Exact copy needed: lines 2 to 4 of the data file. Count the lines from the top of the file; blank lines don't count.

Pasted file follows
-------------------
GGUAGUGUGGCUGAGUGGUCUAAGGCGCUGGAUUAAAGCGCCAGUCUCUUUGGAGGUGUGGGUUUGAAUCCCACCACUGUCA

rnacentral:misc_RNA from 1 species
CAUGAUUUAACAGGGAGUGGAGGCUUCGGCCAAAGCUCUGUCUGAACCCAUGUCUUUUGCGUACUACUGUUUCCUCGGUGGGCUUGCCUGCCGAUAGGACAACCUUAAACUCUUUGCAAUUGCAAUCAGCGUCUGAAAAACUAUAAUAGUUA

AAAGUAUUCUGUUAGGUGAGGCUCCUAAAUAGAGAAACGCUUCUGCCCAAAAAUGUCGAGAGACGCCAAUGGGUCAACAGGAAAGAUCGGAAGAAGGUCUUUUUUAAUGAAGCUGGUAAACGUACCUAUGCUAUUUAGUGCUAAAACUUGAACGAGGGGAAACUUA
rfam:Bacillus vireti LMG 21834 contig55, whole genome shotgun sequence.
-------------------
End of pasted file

rnacentral:misc_RNA from 1 species
CAUGAUUUAACAGGGAGUGGAGGCUUCGGCCAAAGCUCUGUCUGAACCCAUGUCUUUUGCGUACUACUGUUUCCUCGGUGGGCUUGCCUGCCGAUAGGACAACCUUAAACUCUUUGCAAUUGCAAUCAGCGUCUGAAAAACUAUAAUAGUUA

AAAGUAUUCUGUUAGGUGAGGCUCCUAAAUAGAGAAACGCUUCUGCCCAAAAAUGUCGAGAGACGCCAAUGGGUCAACAGGAAAGAUCGGAAGAAGGUCUUUUUUAAUGAAGCUGGUAAACGUACCUAUGCUAUUUAGUGCUAAAACUUGAACGAGGGGAAACUUA